- The Oxford Handbooks in Criminology and Criminal Justice
- Race, Ethnicity, Crime, and Immigration
- The Racialization of Latinos in the United States
- Race and Crime in American Politics: From Law and Order to Willie Horton and Beyond
- Race, Crime, and Public Opinion
- Racial and Ethnic Patterns in Criminality and Victimization
- Race, Crime, and Policing
- Racial Disparities in Prosecution, Sentencing, and Punishment
- Race and Drugs
- Case Study: Living the Drama—Community, Conflict, and Culture among Inner-City Boys
- Case Study: African-American Girls, Urban Inequality, and Gendered Violence
- Race, Crime, and Criminal Justice in Canada
- Ethnicities, Racism, and Crime in England and Wales
- Indigenous People and Sentencing Courts in Australia, New Zealand, and Canada
- Colonial Processes, Indigenous Peoples, and Criminal Justice Systems
- Case Study: Black Cannabis Dealers in a White Welfare State Race, Politics, and Street Capital in Norway
- Case Study: Black Homicide Victimization in Toronto, Ontario, Canada
- The Politics of Immigration and Crime
- Traffickers? Terrorists? Smugglers? Immigrants in the United States and International Crime Before World War II
- Ethnicity, Crime, and Immigration in the United States Crimes By and Against Immigrants
- Immigration and Crime in U.S. Communities: Charting Some Promising New Directions in Research
- Immigrants and Their Children: Evidence on Generational Differences in Crime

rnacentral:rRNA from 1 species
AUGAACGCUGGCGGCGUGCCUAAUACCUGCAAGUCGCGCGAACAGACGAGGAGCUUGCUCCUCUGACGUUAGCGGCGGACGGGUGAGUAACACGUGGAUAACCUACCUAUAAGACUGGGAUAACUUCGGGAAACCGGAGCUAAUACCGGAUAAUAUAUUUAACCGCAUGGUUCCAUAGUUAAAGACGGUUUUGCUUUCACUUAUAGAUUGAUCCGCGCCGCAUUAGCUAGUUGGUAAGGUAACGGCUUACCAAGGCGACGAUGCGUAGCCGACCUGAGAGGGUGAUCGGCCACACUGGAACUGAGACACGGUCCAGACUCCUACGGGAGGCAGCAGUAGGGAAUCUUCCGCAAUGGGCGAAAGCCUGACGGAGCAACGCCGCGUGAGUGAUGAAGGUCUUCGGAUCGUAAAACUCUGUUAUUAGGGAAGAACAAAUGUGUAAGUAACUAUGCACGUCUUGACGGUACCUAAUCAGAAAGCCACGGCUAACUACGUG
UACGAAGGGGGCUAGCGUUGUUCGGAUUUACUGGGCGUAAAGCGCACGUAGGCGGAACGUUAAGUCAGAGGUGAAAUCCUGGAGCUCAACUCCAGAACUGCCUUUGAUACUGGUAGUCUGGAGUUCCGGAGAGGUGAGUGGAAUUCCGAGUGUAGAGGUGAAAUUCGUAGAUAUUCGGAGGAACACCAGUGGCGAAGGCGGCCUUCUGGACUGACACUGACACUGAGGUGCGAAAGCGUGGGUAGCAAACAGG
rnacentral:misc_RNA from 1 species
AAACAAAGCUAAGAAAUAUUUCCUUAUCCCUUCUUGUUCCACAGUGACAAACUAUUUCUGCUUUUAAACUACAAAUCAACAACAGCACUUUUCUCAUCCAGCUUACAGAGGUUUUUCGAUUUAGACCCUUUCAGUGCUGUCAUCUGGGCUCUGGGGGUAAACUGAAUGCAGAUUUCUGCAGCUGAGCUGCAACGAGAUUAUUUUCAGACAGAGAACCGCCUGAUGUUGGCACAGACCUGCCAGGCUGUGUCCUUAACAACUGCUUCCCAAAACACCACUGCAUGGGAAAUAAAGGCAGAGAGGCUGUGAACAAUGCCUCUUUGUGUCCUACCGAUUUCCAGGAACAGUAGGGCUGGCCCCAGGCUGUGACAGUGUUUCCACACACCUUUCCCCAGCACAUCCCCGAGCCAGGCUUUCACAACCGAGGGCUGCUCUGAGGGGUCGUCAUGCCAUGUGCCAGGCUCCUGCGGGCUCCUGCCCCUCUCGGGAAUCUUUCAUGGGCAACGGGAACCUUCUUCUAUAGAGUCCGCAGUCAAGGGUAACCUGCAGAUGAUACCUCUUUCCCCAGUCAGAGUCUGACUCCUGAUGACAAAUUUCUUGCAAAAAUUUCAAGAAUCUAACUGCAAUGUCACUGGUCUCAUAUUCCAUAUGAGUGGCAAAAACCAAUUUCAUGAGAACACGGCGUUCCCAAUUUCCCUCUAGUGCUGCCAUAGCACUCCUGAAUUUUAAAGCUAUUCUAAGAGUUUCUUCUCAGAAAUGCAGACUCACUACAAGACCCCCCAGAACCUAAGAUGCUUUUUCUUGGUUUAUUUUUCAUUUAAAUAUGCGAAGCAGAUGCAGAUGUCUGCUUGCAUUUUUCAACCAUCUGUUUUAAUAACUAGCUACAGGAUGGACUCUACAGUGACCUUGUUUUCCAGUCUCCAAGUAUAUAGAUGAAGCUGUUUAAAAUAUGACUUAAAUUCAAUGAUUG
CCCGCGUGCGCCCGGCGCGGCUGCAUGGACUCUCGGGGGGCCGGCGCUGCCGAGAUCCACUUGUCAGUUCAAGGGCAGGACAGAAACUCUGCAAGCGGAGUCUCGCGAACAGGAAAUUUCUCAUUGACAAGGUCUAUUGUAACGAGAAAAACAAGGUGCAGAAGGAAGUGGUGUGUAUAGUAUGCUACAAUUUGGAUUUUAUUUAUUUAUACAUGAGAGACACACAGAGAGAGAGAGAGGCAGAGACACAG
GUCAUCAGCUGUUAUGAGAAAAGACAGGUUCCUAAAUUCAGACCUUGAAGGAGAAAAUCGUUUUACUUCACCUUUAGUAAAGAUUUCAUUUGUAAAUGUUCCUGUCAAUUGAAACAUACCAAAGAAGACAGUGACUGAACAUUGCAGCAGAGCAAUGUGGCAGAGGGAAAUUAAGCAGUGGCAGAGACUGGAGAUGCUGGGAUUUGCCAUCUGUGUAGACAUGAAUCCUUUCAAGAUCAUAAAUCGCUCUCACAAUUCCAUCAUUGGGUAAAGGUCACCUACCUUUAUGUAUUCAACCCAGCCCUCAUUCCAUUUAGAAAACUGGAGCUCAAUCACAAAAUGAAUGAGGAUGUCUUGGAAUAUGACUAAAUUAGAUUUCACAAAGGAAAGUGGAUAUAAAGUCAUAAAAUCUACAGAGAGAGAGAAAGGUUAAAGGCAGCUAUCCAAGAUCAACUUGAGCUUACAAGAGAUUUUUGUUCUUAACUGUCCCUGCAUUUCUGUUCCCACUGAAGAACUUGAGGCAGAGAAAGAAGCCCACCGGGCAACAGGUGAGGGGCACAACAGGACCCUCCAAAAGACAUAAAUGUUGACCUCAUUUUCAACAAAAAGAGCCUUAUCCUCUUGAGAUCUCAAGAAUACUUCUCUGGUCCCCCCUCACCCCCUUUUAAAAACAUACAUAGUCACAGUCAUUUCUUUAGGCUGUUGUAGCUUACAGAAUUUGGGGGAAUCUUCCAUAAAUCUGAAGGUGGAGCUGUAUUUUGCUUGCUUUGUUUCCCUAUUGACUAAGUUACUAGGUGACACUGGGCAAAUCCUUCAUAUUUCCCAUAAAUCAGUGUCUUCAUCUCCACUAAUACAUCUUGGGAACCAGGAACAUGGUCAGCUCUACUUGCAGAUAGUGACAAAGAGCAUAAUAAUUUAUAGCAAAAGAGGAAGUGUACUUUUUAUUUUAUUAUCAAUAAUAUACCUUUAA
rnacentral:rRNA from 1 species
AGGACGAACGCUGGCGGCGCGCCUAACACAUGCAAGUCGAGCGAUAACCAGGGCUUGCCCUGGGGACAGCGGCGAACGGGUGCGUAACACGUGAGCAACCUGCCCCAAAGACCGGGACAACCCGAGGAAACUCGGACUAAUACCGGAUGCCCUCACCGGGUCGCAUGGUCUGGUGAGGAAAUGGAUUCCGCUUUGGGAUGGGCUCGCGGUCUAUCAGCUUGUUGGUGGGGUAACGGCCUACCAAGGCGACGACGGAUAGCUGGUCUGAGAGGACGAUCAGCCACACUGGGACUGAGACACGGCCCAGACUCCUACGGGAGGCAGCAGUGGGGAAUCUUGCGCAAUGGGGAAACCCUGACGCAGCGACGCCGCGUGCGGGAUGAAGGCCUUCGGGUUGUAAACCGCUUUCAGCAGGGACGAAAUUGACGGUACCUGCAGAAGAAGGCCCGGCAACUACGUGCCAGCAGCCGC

- Latino/Hispanic Immigration and Crime
- Case Study: Criminalizing Settlement: The Politics of Immigration in the American South
- The Law of Immigration and Crime
- Searching (With Minimal Success) for Links Between Immigration and Imprisonment
- Ethnicity, Crime, and Immigration in France
- The Convergence of Control: Immigration and Crime in Contemporary Japan
- Ethnicity, Migration, and Crime in the Netherlands
- Immigration, Crime, and Criminalization in Italy
- Case Study: Sentencing Violent Juvenile Offenders in Color Blind France: Does Ethnicity Matter?
- Case Study: Lost and Found Christianity, Conversion, and Gang Disaffiliation in Guatemala
- Case Study: Immigration, Social Exclusion, and Informal Economies: Muslim Immigrants in Frankfurt
Abstract and Keywords
Research on the immigration-crime link reveals that immigration to an area is negatively associated with crime rates or not associated with crime at all. This is consistently reported across studies that employ neighborhoods, cities, or metropolitan areas as their units of analysis. It is premature, however, to draw firm conclusions about the immigration-crime relationship as there are key omissions in the literature that may affect the findings to date. In particular, research has largely ignored the role of local community institutions. Studies fail to incorporate measures reflecting the policies and practices of the police, schools and school programs, labor centers, libraries, and other community organizations. Moreover, research has disregarded the larger policy or political contexts within which such local institutions operate. Addressing these omissions would provide further (and necessary) insight into the immigration-crime relationship. The practices of both authoritarian and integrative types of local institutions, shaped to a strong degree by the broader city-level context, importantly affect immigrants and their families, with implications for the immigration-crime nexus.
Charis E. Kubrin is Associate Professor of Criminology, Law and Society at the University of California, Irvine.
Glen Trager is a PhD candidate in Criminology & Law and Society at the University of California, Irvine.
Access to the complete content on Oxford Handbooks Online requires a subscription or purchase. Public users are able to search the site and view the abstracts and keywords for each book and chapter without a subscription.
If you have purchased a print title that contains an access token, please see the token for information about how to register your code.